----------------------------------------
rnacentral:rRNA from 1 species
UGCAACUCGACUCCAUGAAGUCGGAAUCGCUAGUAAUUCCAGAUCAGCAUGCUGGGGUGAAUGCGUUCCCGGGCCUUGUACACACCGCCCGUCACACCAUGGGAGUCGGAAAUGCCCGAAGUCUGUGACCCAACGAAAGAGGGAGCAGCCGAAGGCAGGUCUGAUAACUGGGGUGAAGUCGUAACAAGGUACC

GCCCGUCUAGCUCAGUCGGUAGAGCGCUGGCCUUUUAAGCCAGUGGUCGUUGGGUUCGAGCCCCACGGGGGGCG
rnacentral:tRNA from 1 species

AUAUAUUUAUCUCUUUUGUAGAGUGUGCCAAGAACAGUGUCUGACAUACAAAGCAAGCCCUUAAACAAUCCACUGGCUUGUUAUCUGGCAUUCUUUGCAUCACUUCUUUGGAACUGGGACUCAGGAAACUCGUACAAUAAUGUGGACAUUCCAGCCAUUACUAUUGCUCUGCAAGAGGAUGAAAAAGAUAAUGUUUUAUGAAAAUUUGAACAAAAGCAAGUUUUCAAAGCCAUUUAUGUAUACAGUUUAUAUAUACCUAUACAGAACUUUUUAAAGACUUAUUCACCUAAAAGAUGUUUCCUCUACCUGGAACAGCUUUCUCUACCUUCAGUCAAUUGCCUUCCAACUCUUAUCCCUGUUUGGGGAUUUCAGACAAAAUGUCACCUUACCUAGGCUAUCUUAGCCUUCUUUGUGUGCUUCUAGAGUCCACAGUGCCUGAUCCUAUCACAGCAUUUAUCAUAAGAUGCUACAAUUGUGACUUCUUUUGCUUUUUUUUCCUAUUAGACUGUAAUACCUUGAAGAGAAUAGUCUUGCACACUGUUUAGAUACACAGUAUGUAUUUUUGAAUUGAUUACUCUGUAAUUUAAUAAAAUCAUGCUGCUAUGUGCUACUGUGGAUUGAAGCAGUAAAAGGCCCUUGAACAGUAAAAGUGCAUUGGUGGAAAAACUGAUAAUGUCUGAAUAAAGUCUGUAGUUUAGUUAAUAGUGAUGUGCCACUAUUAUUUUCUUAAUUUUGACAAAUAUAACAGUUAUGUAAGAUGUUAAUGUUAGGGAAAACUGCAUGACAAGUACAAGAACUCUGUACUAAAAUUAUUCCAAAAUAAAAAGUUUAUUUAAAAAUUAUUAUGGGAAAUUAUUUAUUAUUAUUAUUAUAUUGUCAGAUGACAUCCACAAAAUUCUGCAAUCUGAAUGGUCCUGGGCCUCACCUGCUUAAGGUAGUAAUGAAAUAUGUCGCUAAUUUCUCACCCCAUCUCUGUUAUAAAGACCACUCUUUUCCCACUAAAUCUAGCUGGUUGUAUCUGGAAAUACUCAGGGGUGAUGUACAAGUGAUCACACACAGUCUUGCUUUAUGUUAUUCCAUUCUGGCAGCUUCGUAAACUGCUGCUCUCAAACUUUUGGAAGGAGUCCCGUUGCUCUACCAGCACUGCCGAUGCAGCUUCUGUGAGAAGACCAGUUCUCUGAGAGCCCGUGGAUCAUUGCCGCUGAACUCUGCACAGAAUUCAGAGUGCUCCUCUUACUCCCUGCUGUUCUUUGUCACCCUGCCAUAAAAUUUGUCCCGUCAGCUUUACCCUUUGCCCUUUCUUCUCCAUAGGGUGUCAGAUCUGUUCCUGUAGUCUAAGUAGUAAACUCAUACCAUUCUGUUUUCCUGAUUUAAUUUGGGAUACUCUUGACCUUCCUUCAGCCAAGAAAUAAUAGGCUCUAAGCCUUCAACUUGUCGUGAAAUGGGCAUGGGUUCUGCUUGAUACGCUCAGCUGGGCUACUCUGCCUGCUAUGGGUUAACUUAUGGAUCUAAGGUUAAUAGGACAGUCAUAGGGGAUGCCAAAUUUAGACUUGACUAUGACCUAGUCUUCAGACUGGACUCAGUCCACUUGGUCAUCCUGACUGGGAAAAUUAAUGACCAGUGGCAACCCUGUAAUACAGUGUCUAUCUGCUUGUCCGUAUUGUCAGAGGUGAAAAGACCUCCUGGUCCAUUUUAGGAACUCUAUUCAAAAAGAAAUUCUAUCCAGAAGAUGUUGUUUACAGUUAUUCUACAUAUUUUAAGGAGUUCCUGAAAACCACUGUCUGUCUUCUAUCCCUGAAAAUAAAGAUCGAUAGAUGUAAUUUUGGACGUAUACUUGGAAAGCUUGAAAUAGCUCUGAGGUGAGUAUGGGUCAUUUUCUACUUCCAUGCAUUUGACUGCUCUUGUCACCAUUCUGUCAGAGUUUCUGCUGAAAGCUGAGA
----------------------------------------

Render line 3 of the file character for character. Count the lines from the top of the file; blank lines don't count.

GCCCGUCUAGCUCAGUCGGUAGAGCGCUGGCCUUUUAAGCCAGUGGUCGUUGGGUUCGAGCCCCACGGGGGGCG